JAMES L. LEVENSON, M.D.; KRISTINE KENNEDY, M.D.
To the editor: Nifedipine is a calcium channel blocker widely used in the treatment of angina. Its adverse effects include flushing, dizziness, headache, pedal edema, upper gastrointestinal distress, weakness, paresthesias, and transient hypotension. Uncommon serious adverse effects may include congestive heart failure, increased angina, and cerebral ischemia (1). We have recently encountered distortion of taste (dysgeusia) and smell (dysosmia) in two patients taking nifedipine.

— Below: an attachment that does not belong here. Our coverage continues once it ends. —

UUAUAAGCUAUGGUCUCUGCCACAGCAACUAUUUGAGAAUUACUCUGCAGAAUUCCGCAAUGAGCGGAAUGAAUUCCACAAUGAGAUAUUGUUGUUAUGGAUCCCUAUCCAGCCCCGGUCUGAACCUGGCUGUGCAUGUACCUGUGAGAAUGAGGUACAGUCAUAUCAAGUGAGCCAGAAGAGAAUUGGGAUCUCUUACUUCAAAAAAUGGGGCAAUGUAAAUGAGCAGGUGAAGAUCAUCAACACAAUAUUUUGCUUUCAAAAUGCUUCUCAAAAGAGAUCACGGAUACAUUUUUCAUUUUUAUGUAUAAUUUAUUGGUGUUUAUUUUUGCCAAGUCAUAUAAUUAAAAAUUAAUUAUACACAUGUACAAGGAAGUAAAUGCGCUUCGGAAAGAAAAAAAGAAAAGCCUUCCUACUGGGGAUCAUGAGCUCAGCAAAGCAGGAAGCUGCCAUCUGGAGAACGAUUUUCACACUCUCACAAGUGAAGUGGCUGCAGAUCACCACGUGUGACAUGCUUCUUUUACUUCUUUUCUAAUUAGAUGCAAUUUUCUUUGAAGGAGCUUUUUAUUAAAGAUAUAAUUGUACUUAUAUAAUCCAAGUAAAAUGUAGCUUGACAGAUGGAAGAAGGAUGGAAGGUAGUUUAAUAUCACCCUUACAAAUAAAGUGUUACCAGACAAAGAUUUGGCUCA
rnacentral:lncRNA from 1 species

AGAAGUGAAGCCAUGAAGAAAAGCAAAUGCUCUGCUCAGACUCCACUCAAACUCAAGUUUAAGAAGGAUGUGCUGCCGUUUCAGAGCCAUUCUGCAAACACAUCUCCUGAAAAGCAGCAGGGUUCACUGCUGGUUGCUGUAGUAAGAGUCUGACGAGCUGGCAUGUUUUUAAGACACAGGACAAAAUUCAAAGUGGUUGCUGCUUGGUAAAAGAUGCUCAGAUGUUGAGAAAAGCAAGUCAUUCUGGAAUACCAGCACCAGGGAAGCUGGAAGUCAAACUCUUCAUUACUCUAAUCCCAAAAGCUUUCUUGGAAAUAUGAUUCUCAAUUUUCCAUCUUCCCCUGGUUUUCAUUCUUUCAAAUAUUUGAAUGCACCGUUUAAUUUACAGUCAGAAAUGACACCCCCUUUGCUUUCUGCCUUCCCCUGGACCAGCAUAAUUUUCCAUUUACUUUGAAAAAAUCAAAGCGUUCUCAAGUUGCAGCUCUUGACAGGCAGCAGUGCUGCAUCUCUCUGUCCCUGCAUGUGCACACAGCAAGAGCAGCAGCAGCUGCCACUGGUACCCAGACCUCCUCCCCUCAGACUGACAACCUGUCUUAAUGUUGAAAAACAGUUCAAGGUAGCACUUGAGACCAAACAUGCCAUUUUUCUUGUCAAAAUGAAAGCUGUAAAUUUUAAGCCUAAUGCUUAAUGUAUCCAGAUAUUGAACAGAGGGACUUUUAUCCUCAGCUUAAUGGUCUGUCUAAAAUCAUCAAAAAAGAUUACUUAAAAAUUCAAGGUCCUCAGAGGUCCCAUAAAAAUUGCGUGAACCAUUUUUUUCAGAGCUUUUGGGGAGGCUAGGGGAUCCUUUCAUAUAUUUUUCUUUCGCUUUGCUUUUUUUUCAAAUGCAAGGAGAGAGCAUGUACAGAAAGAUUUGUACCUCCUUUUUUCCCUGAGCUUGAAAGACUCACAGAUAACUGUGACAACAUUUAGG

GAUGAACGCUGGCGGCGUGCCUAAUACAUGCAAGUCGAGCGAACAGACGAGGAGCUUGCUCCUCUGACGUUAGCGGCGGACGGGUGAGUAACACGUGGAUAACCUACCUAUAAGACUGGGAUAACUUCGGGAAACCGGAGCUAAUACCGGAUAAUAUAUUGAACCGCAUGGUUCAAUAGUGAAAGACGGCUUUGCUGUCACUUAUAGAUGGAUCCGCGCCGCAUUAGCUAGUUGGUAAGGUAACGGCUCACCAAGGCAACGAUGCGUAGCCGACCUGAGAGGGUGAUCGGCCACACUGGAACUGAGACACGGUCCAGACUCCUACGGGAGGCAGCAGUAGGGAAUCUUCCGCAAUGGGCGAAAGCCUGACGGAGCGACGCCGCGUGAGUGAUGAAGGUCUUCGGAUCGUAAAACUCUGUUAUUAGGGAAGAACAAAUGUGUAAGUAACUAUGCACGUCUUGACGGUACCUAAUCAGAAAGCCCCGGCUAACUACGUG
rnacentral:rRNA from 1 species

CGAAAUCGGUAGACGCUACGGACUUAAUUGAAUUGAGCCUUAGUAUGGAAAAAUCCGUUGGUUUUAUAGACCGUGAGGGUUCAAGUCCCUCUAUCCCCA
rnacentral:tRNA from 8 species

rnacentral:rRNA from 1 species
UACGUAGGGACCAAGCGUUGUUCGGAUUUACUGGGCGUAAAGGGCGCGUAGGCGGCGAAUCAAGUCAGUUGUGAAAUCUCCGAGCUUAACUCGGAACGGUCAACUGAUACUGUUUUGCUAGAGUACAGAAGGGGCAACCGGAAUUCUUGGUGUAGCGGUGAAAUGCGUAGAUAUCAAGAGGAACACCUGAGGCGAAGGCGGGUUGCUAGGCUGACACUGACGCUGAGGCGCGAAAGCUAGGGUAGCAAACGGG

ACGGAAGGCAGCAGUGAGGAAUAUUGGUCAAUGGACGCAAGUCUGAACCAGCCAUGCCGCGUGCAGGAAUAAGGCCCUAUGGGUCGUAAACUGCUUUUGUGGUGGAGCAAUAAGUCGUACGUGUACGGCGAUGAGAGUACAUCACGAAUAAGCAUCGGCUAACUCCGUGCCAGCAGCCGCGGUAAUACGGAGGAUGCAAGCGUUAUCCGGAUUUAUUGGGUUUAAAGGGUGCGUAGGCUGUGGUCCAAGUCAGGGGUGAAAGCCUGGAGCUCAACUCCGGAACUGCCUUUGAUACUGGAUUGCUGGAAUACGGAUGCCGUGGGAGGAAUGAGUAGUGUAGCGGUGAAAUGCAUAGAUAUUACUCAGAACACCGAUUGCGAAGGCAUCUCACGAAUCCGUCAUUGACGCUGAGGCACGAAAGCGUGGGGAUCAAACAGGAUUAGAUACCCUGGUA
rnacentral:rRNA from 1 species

A 71-year-old woman was hospitalized with unstable angina. She had been receiving nifedipine, 30 to 80 mg/d for 13 months, in addition to nitrates, digoxin, and furosemide. She also had a profound unexplained weight loss (27
JAMES L. LEVENSON, KRISTINE KENNEDY. Dysomia, Dysgeusia, and Nifedipine. Ann Intern Med. 1985;102:135–136. doi: 10.7326/0003-4819-102-1-135_2
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Published: Ann Intern Med. 1985;102(1):135-136.
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